Every day, as I walk to the metro, I pass libraries, schools, theatres, restaurants, and stores. I am constantly reminded that I have a good education, health insurance, a retirement account, and food in the fridge.

So you see, it is not so much that I am refusing to buy stuff, but rather, that I am reveling in what I already have.

In his essay "East and West," Tagore writes:

Earnestly I ask the poet of the western world to realize and sing to you with all the great power of music which he has, that the East and the West are ever in search of each other, and that they must meet not merely in the fulness of physical strength, but in fulness of truth; that the right hand, which wields the sword, has need of the left, which holds the shield of safety.
Many years have passed since Tagore wrote those words, but they could have been written just yesterday. For if we ever hope to move to a better world, the East and West must meet each other. Working together, we can build a happier, more comfortable, AND more sustainable life for every person on this planet.

Let's get to work.

14 comments:

Joyce said...

Wow. Excellent, excellent essay.

Jennifer said...

Very well said.

Beany said...

The path to Nirvana is after all, The Middle Way.

I've been having an identity crisis for a very long time. Am I Indian? Am I American? Am I a geek? Am I a faker? Am I the only Indian who dislikes Gandhi? Why in the world didn't that man wear more clothes? I finally have decided to embrace my identity as myself. Its called Beanyism (except I use my actual name not some fakey online identity).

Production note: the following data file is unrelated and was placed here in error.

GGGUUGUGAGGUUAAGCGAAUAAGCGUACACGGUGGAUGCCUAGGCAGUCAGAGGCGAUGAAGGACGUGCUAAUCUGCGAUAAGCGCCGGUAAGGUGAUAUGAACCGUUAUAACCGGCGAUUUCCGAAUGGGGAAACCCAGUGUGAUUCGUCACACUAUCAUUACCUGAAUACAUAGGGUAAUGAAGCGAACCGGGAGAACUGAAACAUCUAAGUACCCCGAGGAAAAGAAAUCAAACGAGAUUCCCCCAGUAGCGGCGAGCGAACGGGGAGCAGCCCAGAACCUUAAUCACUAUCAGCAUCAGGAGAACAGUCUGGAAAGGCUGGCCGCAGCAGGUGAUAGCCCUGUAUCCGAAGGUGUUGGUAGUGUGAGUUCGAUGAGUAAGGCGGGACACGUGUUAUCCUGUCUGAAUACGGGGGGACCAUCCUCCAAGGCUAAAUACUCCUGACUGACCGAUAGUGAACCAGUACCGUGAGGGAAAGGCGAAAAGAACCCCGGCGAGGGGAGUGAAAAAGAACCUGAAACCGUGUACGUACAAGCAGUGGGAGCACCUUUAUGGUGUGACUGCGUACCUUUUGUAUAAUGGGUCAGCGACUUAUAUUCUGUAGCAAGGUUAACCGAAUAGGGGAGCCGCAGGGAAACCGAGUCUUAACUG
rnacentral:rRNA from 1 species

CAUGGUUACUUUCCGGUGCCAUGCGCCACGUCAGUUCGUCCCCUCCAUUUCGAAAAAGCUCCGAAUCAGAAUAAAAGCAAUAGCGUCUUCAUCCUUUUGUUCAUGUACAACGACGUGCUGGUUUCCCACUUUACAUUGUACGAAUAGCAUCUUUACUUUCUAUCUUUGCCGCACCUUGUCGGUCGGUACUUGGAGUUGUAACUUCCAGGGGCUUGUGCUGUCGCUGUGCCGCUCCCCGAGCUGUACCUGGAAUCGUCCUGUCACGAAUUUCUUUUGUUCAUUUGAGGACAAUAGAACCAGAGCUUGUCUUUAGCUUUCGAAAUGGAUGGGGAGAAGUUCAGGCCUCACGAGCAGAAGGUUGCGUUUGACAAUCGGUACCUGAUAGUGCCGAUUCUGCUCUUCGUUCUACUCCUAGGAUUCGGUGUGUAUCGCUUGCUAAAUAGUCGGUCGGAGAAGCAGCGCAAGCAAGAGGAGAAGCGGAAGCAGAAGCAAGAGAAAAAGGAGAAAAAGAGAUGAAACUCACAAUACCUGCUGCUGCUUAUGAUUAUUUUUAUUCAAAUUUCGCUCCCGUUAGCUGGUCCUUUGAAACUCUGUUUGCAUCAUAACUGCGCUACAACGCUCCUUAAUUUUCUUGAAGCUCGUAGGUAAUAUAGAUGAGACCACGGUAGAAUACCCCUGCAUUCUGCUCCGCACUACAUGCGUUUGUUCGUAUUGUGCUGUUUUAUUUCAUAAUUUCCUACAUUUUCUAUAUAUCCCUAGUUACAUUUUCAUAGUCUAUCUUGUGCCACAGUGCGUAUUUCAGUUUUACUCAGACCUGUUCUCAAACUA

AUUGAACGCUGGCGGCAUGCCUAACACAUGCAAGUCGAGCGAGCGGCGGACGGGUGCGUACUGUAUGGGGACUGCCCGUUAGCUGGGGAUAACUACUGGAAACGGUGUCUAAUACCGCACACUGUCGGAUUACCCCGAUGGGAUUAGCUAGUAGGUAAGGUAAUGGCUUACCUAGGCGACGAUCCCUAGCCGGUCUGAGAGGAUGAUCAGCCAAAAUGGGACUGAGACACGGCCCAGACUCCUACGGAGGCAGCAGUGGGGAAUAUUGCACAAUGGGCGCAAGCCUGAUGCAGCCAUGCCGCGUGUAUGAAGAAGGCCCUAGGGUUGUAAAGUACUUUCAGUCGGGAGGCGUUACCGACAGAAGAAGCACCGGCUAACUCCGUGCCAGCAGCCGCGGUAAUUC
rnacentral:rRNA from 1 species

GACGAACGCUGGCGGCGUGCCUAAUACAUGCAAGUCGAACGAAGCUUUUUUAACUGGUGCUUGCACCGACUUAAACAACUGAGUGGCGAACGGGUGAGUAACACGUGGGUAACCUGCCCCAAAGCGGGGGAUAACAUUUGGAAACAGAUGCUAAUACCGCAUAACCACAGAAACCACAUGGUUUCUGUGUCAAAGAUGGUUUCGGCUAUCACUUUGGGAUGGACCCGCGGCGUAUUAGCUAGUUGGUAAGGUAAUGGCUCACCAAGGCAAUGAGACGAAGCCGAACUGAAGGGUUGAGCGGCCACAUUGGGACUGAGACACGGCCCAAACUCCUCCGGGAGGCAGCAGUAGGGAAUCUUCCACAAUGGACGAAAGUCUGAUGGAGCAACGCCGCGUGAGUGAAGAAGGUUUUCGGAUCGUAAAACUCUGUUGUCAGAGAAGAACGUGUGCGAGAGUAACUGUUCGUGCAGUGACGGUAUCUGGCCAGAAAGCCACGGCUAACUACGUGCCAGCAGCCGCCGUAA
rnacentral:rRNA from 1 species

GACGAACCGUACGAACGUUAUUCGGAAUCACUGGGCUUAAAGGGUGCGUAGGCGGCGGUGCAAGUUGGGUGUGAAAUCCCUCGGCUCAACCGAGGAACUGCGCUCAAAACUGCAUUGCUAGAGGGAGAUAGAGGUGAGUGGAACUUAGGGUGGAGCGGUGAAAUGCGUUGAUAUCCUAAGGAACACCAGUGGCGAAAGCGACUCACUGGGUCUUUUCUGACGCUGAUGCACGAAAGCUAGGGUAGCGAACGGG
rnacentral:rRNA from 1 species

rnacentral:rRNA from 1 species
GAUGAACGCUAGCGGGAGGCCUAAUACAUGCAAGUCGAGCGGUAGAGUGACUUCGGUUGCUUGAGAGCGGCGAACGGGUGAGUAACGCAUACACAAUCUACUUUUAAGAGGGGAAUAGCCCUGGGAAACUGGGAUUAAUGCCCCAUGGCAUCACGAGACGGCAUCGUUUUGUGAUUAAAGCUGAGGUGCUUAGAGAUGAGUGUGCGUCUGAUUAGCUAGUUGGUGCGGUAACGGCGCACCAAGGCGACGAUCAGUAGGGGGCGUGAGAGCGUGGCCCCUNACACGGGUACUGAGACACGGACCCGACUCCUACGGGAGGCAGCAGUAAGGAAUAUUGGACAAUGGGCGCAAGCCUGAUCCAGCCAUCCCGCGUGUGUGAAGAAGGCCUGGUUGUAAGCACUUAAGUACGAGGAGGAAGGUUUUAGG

Student Doctor Green said...

crazy good job.

equa yona(Big Bear) said...

Wonderful post and lots of food for thought(unlees you are practicing an ascetic fast from thinking, the primary form of asceticism in the US). I have admired many ascetics but have been more drawn to the simple folk, Quakers, Bretheren, Amish, Mennonites as models, although I eschew their religion and their sophistries. Thanks for your thoughts.

organicneedle said...

Really thought provoking. I really love how you manage to make positive changes truly for yourself and not for image sake and how you don't allow it to become a means to judge others. (Oh...and it is totally okay to not like Gandhi. I'm pretty sure his cotton wrap was not organic.)

arduous said...

Joyce, Jennifer, SDG, thank you! I'm glad you liked it.

Beany, you are right, and personally, I think Tagore's path is "The Middle Way."

Equa Yona, an ascetic fast from thinking is truly the worst form of asceticism!!

Orgie, I really don't want to judge others. I'm not a Christian, but I believe very strongly, "Let he without sin cast the first stone." I have sins, so I'm not going to judge others. Rather, I try to live how I live and I find that sometimes others are inspired to live more lightly as well. And I think that's great.